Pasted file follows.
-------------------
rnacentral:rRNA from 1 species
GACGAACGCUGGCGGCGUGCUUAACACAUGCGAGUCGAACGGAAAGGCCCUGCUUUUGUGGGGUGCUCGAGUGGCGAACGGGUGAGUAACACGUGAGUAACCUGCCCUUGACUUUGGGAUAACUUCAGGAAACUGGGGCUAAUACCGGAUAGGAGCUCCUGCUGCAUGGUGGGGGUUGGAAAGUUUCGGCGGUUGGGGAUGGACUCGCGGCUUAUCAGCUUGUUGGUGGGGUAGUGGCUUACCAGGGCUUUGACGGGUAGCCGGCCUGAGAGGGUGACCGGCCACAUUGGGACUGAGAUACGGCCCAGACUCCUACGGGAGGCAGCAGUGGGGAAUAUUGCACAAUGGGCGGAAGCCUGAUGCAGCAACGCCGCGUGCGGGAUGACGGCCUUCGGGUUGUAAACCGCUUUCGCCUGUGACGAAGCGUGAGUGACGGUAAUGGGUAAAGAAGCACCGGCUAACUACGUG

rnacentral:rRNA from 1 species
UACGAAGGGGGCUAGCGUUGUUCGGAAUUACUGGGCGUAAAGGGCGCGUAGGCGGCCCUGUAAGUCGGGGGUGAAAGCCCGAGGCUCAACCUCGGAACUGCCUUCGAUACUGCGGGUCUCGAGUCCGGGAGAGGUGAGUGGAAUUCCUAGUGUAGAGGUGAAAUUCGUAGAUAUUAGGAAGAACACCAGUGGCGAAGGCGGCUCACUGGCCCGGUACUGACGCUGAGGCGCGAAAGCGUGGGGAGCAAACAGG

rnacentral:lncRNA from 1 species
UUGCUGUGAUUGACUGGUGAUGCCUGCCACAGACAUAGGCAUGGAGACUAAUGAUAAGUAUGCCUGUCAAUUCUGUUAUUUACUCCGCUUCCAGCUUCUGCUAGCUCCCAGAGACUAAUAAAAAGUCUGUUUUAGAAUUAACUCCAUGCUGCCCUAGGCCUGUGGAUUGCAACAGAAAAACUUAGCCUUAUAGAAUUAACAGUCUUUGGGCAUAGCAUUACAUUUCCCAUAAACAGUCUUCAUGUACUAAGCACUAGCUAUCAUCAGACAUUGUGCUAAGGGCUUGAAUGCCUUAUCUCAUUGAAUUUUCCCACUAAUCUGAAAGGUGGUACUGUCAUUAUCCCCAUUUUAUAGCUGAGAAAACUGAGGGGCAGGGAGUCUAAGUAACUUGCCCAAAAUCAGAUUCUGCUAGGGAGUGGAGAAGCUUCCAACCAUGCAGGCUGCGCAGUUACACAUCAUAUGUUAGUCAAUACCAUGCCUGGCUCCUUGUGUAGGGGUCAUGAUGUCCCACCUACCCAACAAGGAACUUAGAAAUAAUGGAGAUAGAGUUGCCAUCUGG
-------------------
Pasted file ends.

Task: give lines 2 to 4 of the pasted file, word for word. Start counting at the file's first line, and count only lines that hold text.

GACGAACGCUGGCGGCGUGCUUAACACAUGCGAGUCGAACGGAAAGGCCCUGCUUUUGUGGGGUGCUCGAGUGGCGAACGGGUGAGUAACACGUGAGUAACCUGCCCUUGACUUUGGGAUAACUUCAGGAAACUGGGGCUAAUACCGGAUAGGAGCUCCUGCUGCAUGGUGGGGGUUGGAAAGUUUCGGCGGUUGGGGAUGGACUCGCGGCUUAUCAGCUUGUUGGUGGGGUAGUGGCUUACCAGGGCUUUGACGGGUAGCCGGCCUGAGAGGGUGACCGGCCACAUUGGGACUGAGAUACGGCCCAGACUCCUACGGGAGGCAGCAGUGGGGAAUAUUGCACAAUGGGCGGAAGCCUGAUGCAGCAACGCCGCGUGCGGGAUGACGGCCUUCGGGUUGUAAACCGCUUUCGCCUGUGACGAAGCGUGAGUGACGGUAAUGGGUAAAGAAGCACCGGCUAACUACGUG

rnacentral:rRNA from 1 species
UACGAAGGGGGCUAGCGUUGUUCGGAAUUACUGGGCGUAAAGGGCGCGUAGGCGGCCCUGUAAGUCGGGGGUGAAAGCCCGAGGCUCAACCUCGGAACUGCCUUCGAUACUGCGGGUCUCGAGUCCGGGAGAGGUGAGUGGAAUUCCUAGUGUAGAGGUGAAAUUCGUAGAUAUUAGGAAGAACACCAGUGGCGAAGGCGGCUCACUGGCCCGGUACUGACGCUGAGGCGCGAAAGCGUGGGGAGCAAACAGG